He appears to be in a relationship with a black man. Issues of both sexuality and race are probably foremost in his mind for the same reason that issues of tire compound and power-to-weight ratio are foremost in my mind. So the way I’ve chosen to look at his comment is this: When I was younger and shooting competitively, I would be absolutely furious over what I saw as misleading or incomplete descriptions of firearms in literature. The classic example is when James Bond takes delivery of his Walther PPK: “…with a delivery like a brick through a plate glass window. Takes a Brausch silencer with very little reduction in muzzle velocity.” Gag me with a spoon! The feeble .32 ACP round has less kinetic energy than an actual brick through a plate glass window, and of course the silencer doesn’t affect the muzzle velocity much — it also doesn’t have much effect on the noise of the shot when fitted to a fixed-barrel blowback semi-automatic!

That ridiculous description of the Walther PPK almost ruined Bond for me. Everybody else just enjoyed the books and the films without worrying about it. I suspect the same is true of this Zimmer story. But out of respect to Mr. Hand, and everybody else who feels the same way, I will continue to pay special attention to the way I depict race in my writing. I can’t say I’ll please everybody. But I won’t do anything without consideration and due care. Hope that’s enough.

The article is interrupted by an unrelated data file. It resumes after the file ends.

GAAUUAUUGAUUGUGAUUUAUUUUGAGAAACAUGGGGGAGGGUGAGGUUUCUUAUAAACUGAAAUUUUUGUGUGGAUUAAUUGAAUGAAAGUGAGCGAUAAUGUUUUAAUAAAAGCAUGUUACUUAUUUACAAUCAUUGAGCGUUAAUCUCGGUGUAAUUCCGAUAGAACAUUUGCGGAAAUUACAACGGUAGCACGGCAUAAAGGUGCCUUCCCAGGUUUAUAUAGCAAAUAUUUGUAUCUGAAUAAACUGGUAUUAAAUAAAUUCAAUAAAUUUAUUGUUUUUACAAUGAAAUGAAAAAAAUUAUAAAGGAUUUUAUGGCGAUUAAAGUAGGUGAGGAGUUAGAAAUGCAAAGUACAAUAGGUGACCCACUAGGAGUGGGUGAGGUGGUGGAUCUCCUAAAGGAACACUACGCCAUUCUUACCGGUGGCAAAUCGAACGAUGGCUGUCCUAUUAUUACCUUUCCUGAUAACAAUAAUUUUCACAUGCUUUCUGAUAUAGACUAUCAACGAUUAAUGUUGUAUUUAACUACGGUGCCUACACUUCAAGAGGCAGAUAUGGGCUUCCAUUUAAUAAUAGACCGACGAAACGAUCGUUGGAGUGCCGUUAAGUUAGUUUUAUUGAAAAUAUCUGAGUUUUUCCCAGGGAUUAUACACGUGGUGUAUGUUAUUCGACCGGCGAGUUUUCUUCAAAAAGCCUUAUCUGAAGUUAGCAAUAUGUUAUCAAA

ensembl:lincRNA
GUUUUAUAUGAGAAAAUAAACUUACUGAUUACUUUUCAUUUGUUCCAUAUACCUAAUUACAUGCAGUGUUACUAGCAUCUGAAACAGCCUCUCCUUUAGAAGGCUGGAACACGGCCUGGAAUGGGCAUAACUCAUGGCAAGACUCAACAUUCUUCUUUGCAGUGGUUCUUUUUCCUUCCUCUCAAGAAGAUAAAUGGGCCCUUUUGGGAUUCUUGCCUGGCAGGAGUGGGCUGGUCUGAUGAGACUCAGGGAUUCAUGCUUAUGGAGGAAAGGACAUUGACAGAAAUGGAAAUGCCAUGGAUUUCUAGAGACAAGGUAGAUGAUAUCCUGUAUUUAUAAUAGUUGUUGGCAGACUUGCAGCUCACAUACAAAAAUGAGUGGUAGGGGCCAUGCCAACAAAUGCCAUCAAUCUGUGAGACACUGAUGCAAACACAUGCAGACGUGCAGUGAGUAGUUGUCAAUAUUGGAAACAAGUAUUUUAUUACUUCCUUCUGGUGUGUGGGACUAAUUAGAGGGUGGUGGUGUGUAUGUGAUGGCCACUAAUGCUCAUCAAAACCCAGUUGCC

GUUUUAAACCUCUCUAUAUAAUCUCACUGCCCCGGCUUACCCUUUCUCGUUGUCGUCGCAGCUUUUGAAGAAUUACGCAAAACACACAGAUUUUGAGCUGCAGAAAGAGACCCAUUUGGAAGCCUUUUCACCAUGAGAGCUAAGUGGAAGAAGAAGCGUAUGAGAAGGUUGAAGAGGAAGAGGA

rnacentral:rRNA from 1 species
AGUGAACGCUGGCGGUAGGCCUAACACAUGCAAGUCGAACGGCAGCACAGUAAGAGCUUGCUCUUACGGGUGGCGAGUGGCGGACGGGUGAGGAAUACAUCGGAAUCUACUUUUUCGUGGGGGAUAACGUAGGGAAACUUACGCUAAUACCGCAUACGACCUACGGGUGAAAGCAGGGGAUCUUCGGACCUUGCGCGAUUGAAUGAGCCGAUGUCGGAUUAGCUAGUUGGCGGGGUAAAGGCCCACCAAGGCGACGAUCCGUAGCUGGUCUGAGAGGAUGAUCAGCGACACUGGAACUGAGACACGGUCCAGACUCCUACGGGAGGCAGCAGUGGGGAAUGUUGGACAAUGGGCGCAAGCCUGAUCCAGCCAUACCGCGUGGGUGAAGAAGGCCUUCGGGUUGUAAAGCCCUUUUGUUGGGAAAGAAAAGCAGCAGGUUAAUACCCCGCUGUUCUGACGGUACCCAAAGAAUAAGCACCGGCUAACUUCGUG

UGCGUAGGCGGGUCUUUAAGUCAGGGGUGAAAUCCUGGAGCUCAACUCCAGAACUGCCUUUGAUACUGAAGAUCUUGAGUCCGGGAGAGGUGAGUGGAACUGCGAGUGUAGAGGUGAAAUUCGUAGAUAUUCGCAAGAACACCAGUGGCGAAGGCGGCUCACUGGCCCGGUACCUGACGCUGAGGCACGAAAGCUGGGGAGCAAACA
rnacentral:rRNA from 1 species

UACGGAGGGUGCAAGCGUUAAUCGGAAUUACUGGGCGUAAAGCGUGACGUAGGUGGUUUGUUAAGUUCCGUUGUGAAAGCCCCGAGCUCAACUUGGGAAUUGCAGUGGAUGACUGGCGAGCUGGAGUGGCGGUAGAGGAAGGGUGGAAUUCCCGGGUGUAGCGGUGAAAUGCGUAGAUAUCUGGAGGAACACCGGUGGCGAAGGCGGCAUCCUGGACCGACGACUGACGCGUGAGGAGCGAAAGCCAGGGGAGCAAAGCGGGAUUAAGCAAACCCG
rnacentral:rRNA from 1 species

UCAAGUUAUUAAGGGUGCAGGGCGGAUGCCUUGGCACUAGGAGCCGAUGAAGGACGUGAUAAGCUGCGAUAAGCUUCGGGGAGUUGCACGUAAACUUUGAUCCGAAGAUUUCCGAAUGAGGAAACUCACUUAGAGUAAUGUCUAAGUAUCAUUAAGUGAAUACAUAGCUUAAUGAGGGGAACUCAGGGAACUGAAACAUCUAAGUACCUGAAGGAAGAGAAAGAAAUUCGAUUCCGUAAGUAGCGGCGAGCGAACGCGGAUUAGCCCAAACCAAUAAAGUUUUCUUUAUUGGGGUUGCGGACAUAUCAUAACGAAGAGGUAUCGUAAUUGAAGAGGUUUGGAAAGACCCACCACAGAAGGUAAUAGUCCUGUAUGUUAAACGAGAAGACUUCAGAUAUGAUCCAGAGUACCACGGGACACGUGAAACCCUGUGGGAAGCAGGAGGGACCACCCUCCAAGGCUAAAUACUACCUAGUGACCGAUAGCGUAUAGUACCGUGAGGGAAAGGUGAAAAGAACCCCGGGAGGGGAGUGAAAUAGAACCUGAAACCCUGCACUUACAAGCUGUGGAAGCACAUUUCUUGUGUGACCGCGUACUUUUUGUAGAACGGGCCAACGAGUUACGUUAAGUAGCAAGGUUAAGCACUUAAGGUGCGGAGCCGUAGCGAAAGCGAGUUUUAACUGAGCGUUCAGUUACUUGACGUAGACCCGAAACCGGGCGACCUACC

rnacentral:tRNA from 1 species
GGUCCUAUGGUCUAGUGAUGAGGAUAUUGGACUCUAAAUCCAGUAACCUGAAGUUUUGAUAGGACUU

32 Replies to “The Critics Respond, Part Thirty-Seven”

  1. MrGreenMan

    I like the people who attack commenters on breaking news stories who ask for the race of the suspect when it’s a call to be vigilant and on the lookout for the suspect at large.

    “What does that have to do with it?”

    I don’t know; if I can narrow it down from a general fear and loathing of all people that they would like to offer, I usually prefer it.

    Reply
  2. MrGreenMan

    Further, your comment is extremely relevant as what appeals to the young black man’s tastes – for you, the Escalade driver – is the very definition of “sick” in America, the final chapter, the current year.

    I would normally accuse this guy of trying to deny the black Escalade driver’s basic humanity and right to be proud in his own skin, and you for wanting to ensure his humanity was fully embraced, but, well, there’s that picture.

    Reply
  3. Feds

    See, and I had to stop reading and come back when I saw:

    “all of it covered in a thick golden carpet that resembles the fur of a massive Persian car.”